Virat Kohli has literally made the 22-yard strip his own kingdom but the India captain said he is not one to pat himself on the back. Kohli believes scoring runs is his job and that he isn't doing anyone a favour. "Yes, if I make a mistake I will come here and accept it. I have never been one to give excuses and will remain like that. But I am never one to come here and praise myself. I can never do that because as I said, this is a job for me. I am not doing anyone a favour," he said. Kohli was again at the forefront scoring a staggering 558 runs (including three hundreds) in his team's 5-1 ODI series win against South Africa but made it clear that he has never ever played cricket to be a "headline grabber".
"At this stage, I don t feel like competing with anyone. It s all about how I prepare before the game and what my work ethics are and how I am feeling on game day. My only motivation is to get into that frame of mind. I am not competing with anyone at all," Kohli said at the post-match press conference.
The key to consistency is not thinking too ahead of himself.
"But if you are thinking about being ahead of someone else then you will be found out very soon by this game and you are compromising on what the team needs as well," the skipper said after anchoring his team home with yet another ODI hundred.
Asked if he can now be termed as the best batsman in world cricket, the straight-talking skipper said: "As I said, I don t want any tags. I don t want any headlines. I just go out there and do my job, it is up to the people to write what they write, I don t want to be called anything.
"It's my job, I am supposed to do what I am doing and I am not doing anyone a favour, so just want to be in this zone of working as hard as I can and trying to do the best for the team," the Delhi batsman added.
The skipper once again made it clear that public perceptions are least of his concerns as long as his team knows his worth.
"What matters is what the management thinks about me, what I think about the players and what the players think about me. That's all that matters to me. I know the headlines change from day in and day out. Tomorrow I play a bad shot and get out for zero everyone will conveniently do what they want to do, so it's not my job to say anything about what I do.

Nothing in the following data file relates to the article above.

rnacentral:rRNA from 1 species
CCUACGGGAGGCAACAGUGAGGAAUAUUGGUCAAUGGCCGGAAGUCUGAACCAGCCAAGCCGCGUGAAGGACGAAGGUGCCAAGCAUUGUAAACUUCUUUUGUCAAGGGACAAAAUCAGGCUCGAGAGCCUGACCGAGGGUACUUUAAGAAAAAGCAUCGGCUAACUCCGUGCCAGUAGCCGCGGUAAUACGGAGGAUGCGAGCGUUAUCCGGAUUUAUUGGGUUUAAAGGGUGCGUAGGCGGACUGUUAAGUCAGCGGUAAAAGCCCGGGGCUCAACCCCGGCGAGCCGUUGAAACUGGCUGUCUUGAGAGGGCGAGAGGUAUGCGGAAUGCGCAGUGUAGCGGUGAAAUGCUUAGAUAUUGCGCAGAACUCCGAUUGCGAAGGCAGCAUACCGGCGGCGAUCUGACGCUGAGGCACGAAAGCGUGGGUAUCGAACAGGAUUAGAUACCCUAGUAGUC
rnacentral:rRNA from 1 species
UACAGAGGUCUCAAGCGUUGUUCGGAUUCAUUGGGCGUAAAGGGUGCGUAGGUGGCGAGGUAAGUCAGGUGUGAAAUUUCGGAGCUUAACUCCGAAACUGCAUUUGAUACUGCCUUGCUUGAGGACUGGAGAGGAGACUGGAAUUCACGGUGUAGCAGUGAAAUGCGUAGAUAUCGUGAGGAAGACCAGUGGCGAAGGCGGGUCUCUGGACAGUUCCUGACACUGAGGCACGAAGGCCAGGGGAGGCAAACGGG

While India's ODI juggernaut has rolled on, there have been questions raised about the quality of opposition playing ODI cricket and the skipper's views made it clear that he wasn't amused one bit.
Questioned if this was India's best overseas win, pat came a terse response: "You people can tell!"
"One month back we were a very bad team. Now we are being asked these questions. We haven't changed our mindset. Now whether this is the biggest win or no, whoever wants to analyze, write will do so," Kohli's response made it clear from where it was coming.
It was a sense of deja vu for the skipper, who had a slight altercation with the media at this very venue after the team lost the Test series.
"I know for a fact that 90 percent people didn't give us a chance after two Tests. I was sitting in the same room giving a press conference. So we understand where we've come from," the sarcasm was not lost on anyone.
"I am not going to live in a dreamland right now and accept all the praise, sit here and feel good about this, because it doesn't matter to me. Honestly it doesn't. It didn't matter when we were 2-0 down, it doesn't matter now that we are 5-1 up because what matters is the respect in the change-room," the disdain and disregard for the media was once again evident in each and every sentence that he spoke.
The skipper sounded a bit irritated when asked about South Africa being laid low by injuries to senior players.
"Whether the team was what it was supposed to be was not in our hands. It's none of our concern. We want to take the best team as far as we can on the field and have the best mindset to perform on every given day that we represent our country. That remains our mind set regardless of what happens," he said.
(With inputs from PTI)